This is quite simply one of the best books about music I’ve ever read. At 608 pages of fine print, it’s obviously exhaustive–but never exhausting. Consider the bare parameters of the task at hand: 50 years of the group’s existence; over 20 different members in various combinations; a notoriously prickly bandleader; one of the most sophisticated bodies of work in any musical genre. I can’t imagine anyone other than Sid Smith, longtime associate of the band and prolific rock journalist, who could have pulled it off.
The King Crimson story is unusual in that their peak of fame coincided with the release of their first album in 1969. Instead of the long slog through pubs full of flying beer bottles, ending up in stadium tours with mountains of cocaine, this is a story of constant struggle–often financial, but just as often aesthetic, as guitarist and final arbiter of all things Crimson, Robert Fripp, tries to embody his constantly shifting musical vision in the form of all too human players.
Smith perfectly balances the many aspects of the narrative. His in-depth interviews conjure the complex characters in telling detail, from Fripp’s mock-playful references to himself in third person, to Bill Bruford’s relentless desire to improve his craft, to Adrian Belew’s fragile egotism. Smith provides multiple viewpoints when there are arguments about who wrote what or whether somebody was fired or quit. For those (like me) who love the technical bits, there is gear and studio chatter and gig specifics. The music itself is expertly analyzed and critiqued. There’s even a bit of sex and drugs and alcohol. Plus the subtle, atmospheric cover painting by Mark Buckingham perfectly complements the contents.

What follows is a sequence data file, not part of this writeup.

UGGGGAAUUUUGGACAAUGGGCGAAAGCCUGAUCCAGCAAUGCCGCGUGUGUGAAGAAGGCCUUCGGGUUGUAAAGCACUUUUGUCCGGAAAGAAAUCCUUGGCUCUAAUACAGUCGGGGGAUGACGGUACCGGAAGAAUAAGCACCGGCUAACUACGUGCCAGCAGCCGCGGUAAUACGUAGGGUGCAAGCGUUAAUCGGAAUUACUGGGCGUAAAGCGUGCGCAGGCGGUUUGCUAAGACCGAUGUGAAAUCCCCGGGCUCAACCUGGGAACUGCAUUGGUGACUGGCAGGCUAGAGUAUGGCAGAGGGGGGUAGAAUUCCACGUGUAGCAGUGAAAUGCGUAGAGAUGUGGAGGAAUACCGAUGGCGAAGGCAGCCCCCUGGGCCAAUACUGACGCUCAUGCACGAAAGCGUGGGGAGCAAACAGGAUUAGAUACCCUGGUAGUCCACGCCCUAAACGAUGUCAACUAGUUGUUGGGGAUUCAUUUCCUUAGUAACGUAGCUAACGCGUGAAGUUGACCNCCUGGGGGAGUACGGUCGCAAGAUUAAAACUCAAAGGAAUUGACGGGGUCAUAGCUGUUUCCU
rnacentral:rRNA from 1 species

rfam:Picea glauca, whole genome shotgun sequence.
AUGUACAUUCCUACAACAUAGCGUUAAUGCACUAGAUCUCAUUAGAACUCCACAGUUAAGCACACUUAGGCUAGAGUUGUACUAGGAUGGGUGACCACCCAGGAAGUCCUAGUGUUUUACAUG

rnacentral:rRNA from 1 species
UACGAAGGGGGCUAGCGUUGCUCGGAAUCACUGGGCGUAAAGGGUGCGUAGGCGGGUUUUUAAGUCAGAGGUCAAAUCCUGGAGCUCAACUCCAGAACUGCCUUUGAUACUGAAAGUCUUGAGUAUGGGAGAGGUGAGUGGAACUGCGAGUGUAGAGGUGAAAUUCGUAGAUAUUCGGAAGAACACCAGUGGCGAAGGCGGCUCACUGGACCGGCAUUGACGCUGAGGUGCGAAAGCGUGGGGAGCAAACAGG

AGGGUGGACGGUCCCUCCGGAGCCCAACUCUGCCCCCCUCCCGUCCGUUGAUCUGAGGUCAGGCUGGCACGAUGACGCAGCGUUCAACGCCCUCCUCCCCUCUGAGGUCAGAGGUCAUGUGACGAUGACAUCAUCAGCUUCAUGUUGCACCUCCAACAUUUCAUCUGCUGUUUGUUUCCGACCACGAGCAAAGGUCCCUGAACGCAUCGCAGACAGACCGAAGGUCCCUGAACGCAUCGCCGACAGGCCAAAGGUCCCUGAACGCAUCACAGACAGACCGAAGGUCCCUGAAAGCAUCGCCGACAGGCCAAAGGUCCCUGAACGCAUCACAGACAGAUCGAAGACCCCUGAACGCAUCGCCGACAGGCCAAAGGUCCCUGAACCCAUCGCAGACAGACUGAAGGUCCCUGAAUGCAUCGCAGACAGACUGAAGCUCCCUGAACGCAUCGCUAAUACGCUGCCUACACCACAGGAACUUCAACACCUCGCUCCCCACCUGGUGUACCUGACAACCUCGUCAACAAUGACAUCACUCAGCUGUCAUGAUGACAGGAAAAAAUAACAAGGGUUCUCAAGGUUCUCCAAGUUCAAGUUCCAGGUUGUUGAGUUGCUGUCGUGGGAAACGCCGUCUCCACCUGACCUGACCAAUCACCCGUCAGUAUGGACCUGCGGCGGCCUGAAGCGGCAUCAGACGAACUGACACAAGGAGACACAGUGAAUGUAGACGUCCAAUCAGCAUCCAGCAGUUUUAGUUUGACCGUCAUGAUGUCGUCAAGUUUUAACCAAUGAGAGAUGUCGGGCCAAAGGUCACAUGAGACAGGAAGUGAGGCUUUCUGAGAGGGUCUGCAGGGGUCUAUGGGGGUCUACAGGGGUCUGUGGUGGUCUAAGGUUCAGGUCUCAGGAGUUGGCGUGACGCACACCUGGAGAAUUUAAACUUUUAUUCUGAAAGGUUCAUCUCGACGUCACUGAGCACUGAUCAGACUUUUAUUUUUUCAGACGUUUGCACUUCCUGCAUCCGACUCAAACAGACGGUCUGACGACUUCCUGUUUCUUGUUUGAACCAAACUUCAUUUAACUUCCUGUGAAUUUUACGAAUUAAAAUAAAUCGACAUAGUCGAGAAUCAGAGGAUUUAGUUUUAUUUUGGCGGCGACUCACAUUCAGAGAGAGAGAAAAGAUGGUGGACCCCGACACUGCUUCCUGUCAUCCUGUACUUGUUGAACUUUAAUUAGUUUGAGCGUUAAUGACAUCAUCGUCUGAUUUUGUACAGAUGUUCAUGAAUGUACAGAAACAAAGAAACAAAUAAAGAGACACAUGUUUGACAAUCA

The Crimson story per se ends on page 365, but addenda include capsule bios that take all the principals up through 2019, track-by-track notes on all the band’s albums, and a long section of gig diaries. (Not included, unfortunately, is an index.) Note that this is a vastly expanded version of a book that was originally published in 2001.
If you’re a fan of any of the incarnations of King Crimson, the book is essential. If you care about any of the bands that spun off from Crimson to become huge–Emerson, Lake & Palmer, Asia, Foreigner–or the musicians whose orbits intersected Crimson’s–Bowie, Eno, Yes, Talking Heads–you’ll find it fascinating at the very least.